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As he approached, it became obvious that this was indeed a gamekeeper. He was polite, personable and professional – although a bit puffed out, having yomped half way up a mountain to remonstrate with the owner(s) of an unleashed dog. Martyn had already put Coll on the lead and explained, when challenged, that he does not chase grouse and is always under close control. I confirmed this casually as if to signify that the young man had nothing to worry about. There was no bad feeling and ordinary conversation ensued. He was keen to tell us he had been watching a pair of young eagles, we said we had seen one from further down the glen, parsing the ground for prey.

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It would be unfair of me further to paraphrase the precise details of these exchanges, for here was a young man conscientious in his work, proud of keeping a good beat, responsible to his employer for a maximum yield, intimately familiar with every inch of the ground in front of us, passionate about the creatures living here, and yet torn by some of the duties the protection of the grouse from predation requires him to perform, clearly repulsed by some of the atrocities he must carry out in the name of protecting so called ground nesting birds. To this extent his opinions on matters of land management are not entirely his own, but paid for by his employer. Suffice it to say that when it came to rewilding, he was not impressed, believing the estates to the east that are pursuing this policy to be in a complete mess, whereupon I cajoled him about being scared of trees. We watched him yomp back down the path to his pickup, which he may or may not have parked deliberately just out of our sight behind a moraine. The rest of the day’s conversation was dominated by the issues this encounter brought up.

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Coll pulled on the lead, giving his master a helping hand until we were beyond the steepest slopes and onto the plateau, out of sight. Here there are no grouse, although plenty other ground nesting birds – ptarmigan, dottrel, golden plover, eagle, raven and peregrine. Above 800m, snow lay still thick in the lee of screes, rocks and tussocks, although the wind had scraped off bald patches on the most featureless and exposed areas. We reached the first summit at about 12:30. It was bitterly cold, even when taking shelter in the lee of the meagre cairn. I put on all of my clothes and gobbled up a flask of hot vegetable soup, which set me up nicely for the rest of the day. The views all around were fantastic, snow garnishing the summits of every peak above 800m – although in the west there was obviously a lot less cover, the Cairngorm plateaux were thick. During the course of the day, the freezing level and snow-line palpably rose.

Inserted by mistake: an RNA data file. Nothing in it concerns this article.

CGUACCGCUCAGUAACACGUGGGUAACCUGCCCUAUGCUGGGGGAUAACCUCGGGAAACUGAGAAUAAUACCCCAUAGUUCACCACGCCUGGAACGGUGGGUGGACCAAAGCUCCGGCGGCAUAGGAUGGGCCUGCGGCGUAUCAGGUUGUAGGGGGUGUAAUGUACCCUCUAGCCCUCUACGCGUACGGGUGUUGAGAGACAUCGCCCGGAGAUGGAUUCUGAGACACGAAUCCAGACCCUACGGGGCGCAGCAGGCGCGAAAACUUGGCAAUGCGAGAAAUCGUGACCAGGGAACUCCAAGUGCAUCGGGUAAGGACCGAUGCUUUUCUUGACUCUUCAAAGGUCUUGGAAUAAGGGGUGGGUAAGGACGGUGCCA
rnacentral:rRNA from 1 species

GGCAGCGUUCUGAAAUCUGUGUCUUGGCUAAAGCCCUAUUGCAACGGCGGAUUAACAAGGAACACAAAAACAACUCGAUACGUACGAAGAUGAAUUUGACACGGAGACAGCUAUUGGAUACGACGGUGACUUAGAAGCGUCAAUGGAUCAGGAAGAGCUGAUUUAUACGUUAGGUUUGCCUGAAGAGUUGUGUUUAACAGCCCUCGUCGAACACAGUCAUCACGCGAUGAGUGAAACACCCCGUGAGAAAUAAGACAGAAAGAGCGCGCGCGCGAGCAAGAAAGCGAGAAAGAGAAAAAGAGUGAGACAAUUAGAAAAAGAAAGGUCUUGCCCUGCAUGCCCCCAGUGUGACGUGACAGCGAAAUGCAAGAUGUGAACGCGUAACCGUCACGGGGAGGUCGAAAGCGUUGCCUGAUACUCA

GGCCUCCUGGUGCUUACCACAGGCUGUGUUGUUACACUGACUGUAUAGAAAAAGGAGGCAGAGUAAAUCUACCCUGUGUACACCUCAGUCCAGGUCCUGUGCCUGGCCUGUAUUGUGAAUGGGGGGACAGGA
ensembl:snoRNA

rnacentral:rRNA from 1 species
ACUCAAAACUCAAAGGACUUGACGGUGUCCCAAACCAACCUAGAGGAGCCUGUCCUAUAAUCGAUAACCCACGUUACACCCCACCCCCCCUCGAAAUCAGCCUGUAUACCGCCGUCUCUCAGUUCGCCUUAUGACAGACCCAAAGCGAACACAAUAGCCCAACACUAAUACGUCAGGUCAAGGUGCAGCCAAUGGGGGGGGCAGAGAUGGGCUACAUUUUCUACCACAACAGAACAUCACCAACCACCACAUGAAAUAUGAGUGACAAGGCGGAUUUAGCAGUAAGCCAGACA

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As we approached the lowest point between the two summits, we looked down on a high pass furnished in part by a rough track, from the A9 corridor to Rannochside, over a wet south west facing watershed. Here we had a conversation that clarified exactly how I feel about so called land management, about the alleged custodianship over the natural ecology that is used always to justify practices that differ from lowland agricultural techniques only by their obvious similarity to feudal economic relations. We agreed that for many reasons, the way things are done now are anachronistic, unsustainable and in vital need of replacement. Martyn suggested that there needs to be a demonstration that something else will work, maybe the Scottish government would fund a feasibility project he suggested, to which I responded that the status quo always has a monopoly over what is possible. I added that if I were given a budget appropriate to the task, access to a team of project managers, landscape architects and infrastructural engineers, I could create an exemplary corridor here with spaces for communities of millennials, hipsters, free lancers, creatives and adventurers or whoever felt inclined to participate in a new social experiment, which would inevitably attract professions and service facilities in support. This would take rewilding to a new level of sustainability; including human beings it becomes more like repopulation. The climate would not be conducive, Martyn reminded me, but, I said, trees growing back on the hags of the watershed and along the glens would not only alter water cycles, they would probably change the climate. Many other radical interventions would also be necessary as well as a complete change of national perspective, away from dependency towards compassionate self confidence. In any case, people and trees have lived here at such altitudes before now – as evidenced by many sites of ruined sheilings and buried bogwood – and live in much harsher, more challenging environments the world over. Anything must be better than what exists now on these sad, denatured hills, these killing fields denuded of trees, by grazing red deer preventing regenerating forests and ensuring that the maximum number of grouse can be bred amongst the heather, thereby providing moving targets for the bloodlust of the wealthy and income for the estates. Martyn suspected that if nobody were watching, the gamekeeper would shoot the eagle we had seen. I had my doubts, but conceded his point, that the purpose of this estate is to ensure a maximum yield of grouse, which perforce requires destruction of predators and removal of any other factors likely to reduce this – like trees that give cover for predators and discourage the proliferation of the heather upon which grouse are dependent, like stoat who eat their eggs, and like hare who allegedly (very allegedly!) spread a disease to which grouse are susceptible.